There was a time when putting 20 percent down on a house was the accepted norm for most buyers, AJC reporter Christopher Quinn writes.
A proposal to move back toward that standard in the wake of the housing meltdown, however, has produced an odd-bedfellow coalition of Democrats and Republicans, consumer advocates and bankers who fear that would leave homebuyers unable to afford loans and sellers unable to find buyers, Quinn reports.
What do you think of the proposal?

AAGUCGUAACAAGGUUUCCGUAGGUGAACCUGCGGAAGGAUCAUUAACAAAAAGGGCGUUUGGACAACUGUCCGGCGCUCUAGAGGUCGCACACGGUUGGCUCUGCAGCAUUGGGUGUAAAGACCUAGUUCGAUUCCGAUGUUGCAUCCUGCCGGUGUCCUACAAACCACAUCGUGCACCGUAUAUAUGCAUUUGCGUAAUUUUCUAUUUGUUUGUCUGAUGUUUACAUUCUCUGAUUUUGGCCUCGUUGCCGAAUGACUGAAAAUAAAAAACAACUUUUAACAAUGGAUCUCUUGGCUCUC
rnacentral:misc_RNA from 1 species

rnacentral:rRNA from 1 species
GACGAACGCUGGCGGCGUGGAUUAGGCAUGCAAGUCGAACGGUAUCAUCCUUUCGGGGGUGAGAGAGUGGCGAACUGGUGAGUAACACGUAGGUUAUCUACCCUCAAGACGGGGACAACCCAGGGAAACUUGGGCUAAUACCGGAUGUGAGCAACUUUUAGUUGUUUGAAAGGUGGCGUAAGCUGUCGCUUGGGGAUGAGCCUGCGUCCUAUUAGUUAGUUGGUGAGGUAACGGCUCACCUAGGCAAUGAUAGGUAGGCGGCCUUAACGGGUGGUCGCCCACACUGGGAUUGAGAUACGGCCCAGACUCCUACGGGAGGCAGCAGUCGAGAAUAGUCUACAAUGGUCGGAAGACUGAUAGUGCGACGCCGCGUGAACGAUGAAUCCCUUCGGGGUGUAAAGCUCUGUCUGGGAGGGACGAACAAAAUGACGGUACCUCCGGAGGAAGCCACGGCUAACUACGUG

It would split home loans into two categories, Quinn writes. One would be loans to buyers who put 20 percent down, and lenders would face few regulatory hurdles bundling those loans to sell as investment securities. It was the volume of subprime loans in such securities that helped precipitate the financial crisis.
The other loan category would allow smaller down payments, but would require lenders to maintain at least 5 percent of the total value of their loans so they shoulder part of the risk, Quinn reports. The intent is to ensure lenders thoroughly vet borrowers. Some believe this would cause higher interest rates and shut lower-income buyers out of the market.
Do you support or oppose this proposal? Why?
- Henry Unger, The Biz Beat
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